Sifting Through the Results
A few things became apparent when reading the results: The library staff is worried about how difficult it is for patrons to navigate the website and how poorly the website represents the services provided by the library. Additionally, the staff is in agreement that the website has some serious deterrents and needs to be updated. However, there is no clear idea of how that needs to be done or what the end result is. Does this mean that the library should petition to get control over its website? If it does, does it host the website? How does that work? Will it lose the content currently hosted by the city and have to start from scratch? Is there a current library employee who is comfortable with HTML and website management? Should the library write up a proposal for the addition of a staff member who could manage the website design and content? What are surrounding libraries doing? The survey has lead to more questions than answers.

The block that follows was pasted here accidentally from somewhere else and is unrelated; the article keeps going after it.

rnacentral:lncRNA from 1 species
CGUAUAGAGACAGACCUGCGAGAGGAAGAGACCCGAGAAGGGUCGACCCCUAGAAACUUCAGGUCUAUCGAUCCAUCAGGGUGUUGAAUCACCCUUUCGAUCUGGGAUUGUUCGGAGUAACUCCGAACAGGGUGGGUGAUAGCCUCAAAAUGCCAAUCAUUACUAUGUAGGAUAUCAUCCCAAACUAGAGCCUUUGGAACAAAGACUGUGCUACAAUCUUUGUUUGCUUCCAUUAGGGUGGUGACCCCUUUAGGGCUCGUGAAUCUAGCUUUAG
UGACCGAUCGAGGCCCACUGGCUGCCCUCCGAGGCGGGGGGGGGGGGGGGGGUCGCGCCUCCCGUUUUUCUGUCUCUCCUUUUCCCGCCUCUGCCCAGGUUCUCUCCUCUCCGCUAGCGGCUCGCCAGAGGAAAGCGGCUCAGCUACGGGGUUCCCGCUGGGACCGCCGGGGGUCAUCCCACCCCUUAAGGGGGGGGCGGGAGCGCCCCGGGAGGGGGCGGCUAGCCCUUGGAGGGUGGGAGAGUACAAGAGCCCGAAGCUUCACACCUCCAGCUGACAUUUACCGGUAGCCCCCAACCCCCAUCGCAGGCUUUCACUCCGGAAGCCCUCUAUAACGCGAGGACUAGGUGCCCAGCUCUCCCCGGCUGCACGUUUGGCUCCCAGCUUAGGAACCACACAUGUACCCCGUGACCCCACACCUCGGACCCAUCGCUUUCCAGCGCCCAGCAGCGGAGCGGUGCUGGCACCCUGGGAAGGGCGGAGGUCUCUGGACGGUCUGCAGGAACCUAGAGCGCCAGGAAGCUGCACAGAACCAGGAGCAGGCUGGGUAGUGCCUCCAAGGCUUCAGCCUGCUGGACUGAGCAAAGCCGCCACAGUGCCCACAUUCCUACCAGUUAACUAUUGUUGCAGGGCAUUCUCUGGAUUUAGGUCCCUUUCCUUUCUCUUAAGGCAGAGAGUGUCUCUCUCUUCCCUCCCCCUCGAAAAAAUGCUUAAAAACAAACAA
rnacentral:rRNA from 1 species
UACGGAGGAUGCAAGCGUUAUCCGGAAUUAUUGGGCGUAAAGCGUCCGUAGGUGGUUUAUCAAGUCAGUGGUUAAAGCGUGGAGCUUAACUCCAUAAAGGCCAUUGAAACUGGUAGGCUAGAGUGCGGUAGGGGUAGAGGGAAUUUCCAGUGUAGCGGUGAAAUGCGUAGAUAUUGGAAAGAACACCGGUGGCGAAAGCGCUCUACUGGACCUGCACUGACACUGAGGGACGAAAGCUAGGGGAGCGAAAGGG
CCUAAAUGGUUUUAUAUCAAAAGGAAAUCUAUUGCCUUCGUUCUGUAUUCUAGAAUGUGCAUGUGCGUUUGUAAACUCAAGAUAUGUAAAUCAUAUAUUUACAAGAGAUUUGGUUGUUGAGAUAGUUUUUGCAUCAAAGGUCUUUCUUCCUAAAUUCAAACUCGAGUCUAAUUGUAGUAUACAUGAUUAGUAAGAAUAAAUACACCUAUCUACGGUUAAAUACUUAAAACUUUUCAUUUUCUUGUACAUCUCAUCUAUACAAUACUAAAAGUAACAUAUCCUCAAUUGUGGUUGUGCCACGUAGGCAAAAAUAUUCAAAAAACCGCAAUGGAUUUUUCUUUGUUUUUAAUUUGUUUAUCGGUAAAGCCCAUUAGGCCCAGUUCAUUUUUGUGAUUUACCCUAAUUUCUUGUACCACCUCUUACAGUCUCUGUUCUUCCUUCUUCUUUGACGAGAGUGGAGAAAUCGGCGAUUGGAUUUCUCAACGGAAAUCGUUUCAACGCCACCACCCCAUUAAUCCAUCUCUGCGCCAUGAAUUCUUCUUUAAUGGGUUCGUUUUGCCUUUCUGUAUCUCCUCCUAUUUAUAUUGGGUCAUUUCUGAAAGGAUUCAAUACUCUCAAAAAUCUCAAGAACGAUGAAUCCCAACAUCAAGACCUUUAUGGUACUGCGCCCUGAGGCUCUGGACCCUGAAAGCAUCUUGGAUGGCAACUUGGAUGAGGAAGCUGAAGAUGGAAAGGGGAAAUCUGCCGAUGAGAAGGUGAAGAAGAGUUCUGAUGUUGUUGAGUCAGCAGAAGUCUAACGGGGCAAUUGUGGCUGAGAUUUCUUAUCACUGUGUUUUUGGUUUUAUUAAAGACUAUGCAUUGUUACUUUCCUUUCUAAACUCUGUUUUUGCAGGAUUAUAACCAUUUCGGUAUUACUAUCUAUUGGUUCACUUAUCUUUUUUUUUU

Now I get to put my MPA skills to work and begin to navigate the touchy realm of local government politics. After talking with the library director, I decided that the best way to bolster the library’s case—that it needs more control to adequately represent library services and meet the needs of the community—is to complete a patron survey of the library website and do a comparative analysis of the current practices of surrounding libraries. Finding out how the patrons feel and determining if they’re on the same page as the staff will give the staffs’ concerns credibility if the library decides to approach the city. Understanding how surrounding libraries are using their websites will also assist the Alameda Free Library in determining the best route to take with its website. My PWE is certainly giving me insight into local government politics and the finesse it requires to push for what’s best for one’s department.